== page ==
#!/usr/bin/env python
"""Example integrating an IPython kernel into a GUI App.
This trivial GUI application internally starts an IPython kernel, to which Qt
consoles can be connected either by the user at the command line or started
from the GUI itself, via a button.  The GUI can also manipulate one variable in
the kernel's namespace, and print the namespace to the console.
Play with it by running the script and then opening one or more consoles, and
pushing the 'Counter++' and 'Namespace' buttons.
Upon exit, it should automatically close all consoles opened from the GUI.
Consoles attached separately from a terminal will not be terminated, though
they will notice that their kernel died.
Ref: Modified from wxPython source code wxPython/samples/simple/simple.py
# Imports
import sys
import wx
from internal_ipkernel import InternalIPKernel
# Functions and classes
class MyFrame(wx.Frame, InternalIPKernel):
    This is MyFrame.  It just shows a few controls on a wxPanel,
    and has a simple menu.
    def __init__(self, parent, title):
        wx.Frame.__init__(self, parent, -1, title,
                          pos=(150, 150), size=(350, 285))
        # Create the menubar
        menuBar = wx.MenuBar()
        # and a menu 
        menu = wx.Menu()
        # add an item to the menu, using \tKeyName automatically
        # creates an accelerator, the third param is some help text
        # that will show up in the statusbar
        menu.Append(wx.ID_EXIT, "E&xit\tAlt-X", "Exit this simple sample")
        # bind the menu event to an event handler
        self.Bind(wx.EVT_MENU, self.OnTimeToClose, id=wx.ID_EXIT)
        # and put the menu on the menubar
        menuBar.Append(menu, "&File")
        # Now create the Panel to put the other controls on.
        panel = wx.Panel(self)
        # and a few controls
        text = wx.StaticText(panel, -1, "Hello World!")
        text.SetFont(wx.Font(14, wx.SWISS, wx.NORMAL, wx.BOLD))
        qtconsole_btn = wx.Button(panel, -1, "Qt Console")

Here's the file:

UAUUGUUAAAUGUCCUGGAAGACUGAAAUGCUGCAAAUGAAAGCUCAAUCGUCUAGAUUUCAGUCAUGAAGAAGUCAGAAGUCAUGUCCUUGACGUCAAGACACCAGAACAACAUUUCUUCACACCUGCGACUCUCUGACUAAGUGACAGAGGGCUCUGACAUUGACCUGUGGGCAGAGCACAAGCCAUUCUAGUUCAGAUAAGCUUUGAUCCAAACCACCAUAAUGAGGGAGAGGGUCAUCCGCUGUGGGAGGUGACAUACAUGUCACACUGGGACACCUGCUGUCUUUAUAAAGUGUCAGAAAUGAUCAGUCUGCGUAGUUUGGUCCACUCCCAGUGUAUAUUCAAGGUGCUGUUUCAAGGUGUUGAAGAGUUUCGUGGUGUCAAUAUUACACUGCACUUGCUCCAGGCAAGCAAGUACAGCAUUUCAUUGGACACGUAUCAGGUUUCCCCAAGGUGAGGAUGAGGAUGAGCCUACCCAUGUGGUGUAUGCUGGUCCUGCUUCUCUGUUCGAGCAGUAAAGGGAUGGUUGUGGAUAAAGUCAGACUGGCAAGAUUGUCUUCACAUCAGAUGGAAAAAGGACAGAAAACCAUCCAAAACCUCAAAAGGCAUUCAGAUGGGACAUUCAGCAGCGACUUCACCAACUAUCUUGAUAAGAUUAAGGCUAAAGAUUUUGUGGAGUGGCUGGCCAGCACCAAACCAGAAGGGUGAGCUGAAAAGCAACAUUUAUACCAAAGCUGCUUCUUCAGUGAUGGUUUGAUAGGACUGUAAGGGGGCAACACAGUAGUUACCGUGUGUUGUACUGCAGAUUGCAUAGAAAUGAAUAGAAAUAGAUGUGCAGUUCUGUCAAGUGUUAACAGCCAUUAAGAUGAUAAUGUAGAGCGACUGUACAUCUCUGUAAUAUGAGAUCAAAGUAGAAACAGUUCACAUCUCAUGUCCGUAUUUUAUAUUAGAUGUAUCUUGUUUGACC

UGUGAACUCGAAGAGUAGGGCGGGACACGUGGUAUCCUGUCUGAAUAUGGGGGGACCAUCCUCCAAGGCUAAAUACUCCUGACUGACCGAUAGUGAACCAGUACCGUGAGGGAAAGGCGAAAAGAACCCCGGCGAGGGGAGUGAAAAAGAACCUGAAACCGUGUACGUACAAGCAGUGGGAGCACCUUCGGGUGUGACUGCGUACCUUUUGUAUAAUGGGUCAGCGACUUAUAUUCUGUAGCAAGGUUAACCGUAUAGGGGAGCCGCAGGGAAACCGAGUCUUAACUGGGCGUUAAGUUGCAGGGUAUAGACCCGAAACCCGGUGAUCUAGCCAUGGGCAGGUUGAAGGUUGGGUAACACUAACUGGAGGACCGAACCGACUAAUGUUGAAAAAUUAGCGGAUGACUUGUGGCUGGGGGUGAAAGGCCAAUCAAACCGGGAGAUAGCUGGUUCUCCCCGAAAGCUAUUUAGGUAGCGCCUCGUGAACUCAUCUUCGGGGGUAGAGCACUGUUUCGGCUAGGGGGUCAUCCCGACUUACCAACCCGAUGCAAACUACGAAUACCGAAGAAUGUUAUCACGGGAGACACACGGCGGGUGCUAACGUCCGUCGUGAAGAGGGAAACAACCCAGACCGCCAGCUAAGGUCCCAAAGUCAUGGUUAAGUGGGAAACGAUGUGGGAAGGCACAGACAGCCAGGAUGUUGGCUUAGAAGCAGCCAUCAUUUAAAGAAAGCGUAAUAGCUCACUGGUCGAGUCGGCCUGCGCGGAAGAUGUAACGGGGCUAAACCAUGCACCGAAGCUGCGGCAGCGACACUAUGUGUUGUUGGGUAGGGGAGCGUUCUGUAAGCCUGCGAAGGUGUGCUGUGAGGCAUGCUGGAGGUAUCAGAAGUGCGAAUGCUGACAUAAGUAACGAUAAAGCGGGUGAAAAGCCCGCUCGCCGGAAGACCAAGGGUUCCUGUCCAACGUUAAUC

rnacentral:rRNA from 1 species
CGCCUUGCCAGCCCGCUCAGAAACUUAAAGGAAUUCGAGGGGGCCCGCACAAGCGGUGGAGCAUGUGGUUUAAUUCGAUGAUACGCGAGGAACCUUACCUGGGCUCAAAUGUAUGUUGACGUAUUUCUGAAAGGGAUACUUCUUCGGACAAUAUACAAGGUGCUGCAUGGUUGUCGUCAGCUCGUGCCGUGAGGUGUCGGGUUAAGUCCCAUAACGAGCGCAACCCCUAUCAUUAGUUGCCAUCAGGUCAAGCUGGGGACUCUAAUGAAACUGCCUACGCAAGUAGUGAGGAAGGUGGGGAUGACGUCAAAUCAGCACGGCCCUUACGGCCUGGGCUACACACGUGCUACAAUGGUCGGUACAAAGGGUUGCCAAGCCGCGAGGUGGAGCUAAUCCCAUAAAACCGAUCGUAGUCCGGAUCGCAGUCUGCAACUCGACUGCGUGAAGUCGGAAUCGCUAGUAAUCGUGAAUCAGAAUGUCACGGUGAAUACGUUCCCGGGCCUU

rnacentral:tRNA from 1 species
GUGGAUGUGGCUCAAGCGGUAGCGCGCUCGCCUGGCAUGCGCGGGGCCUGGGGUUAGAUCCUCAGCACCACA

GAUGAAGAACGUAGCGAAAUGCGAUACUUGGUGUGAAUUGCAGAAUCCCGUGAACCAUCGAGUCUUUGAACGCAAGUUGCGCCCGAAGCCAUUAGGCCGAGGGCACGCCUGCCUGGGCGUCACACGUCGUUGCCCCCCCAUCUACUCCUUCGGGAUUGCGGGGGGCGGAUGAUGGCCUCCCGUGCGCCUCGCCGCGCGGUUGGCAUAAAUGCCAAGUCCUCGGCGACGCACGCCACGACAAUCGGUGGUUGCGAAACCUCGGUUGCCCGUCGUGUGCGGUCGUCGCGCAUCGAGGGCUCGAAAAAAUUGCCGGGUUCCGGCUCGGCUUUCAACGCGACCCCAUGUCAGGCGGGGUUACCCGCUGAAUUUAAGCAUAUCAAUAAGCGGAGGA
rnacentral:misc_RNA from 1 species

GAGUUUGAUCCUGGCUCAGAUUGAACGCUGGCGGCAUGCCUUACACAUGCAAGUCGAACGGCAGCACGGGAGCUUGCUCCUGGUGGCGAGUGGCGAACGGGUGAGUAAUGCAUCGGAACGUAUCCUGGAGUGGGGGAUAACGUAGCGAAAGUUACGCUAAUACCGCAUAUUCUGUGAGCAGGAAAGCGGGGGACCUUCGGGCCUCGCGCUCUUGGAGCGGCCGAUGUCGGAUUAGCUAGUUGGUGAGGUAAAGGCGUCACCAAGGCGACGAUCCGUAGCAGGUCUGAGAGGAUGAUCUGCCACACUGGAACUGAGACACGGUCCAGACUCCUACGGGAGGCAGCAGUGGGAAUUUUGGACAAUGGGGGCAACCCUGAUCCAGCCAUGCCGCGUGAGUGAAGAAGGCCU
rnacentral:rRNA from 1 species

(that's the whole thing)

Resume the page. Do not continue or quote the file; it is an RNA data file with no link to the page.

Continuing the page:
ns_btn = wx.Button(panel, -1, "Namespace")
        count_btn = wx.Button(panel, -1, "Count++")
        close_btn = wx.Button(panel, -1, "Quit")
        # bind the button events to handlers
        self.Bind(wx.EVT_BUTTON, self.new_qt_console, qtconsole_btn)
        self.Bind(wx.EVT_BUTTON, self.print_namespace, ns_btn)
        self.Bind(wx.EVT_BUTTON, self.count, count_btn)
        self.Bind(wx.EVT_BUTTON, self.OnTimeToClose, close_btn)
        # Use a sizer to layout the controls, stacked vertically and with
        # a 10 pixel border around each
        sizer = wx.BoxSizer(wx.VERTICAL)
        for ctrl in [text, qtconsole_btn, ns_btn, count_btn, close_btn]:
            sizer.Add(ctrl, 0, wx.ALL, 10)
        # Start the IPython kernel with gui support
    def OnTimeToClose(self, evt):
        """Event handler for the button click."""
        print("See ya later!")
        # Not sure why, but our IPython kernel seems to prevent normal WX
        # shutdown, so an explicit exit() call is needed.
class MyApp(wx.App):
    def OnInit(self):
        frame = MyFrame(None, "Simple wxPython App")
        self.ipkernel = frame.ipkernel
        return True
# Main script
if __name__ == '__main__':
    app = MyApp(redirect=False, clearSigInt=False)
    # Very important, IPython-specific step: this gets GUI event loop
    # integration going, and it replaces calling app.MainLoop()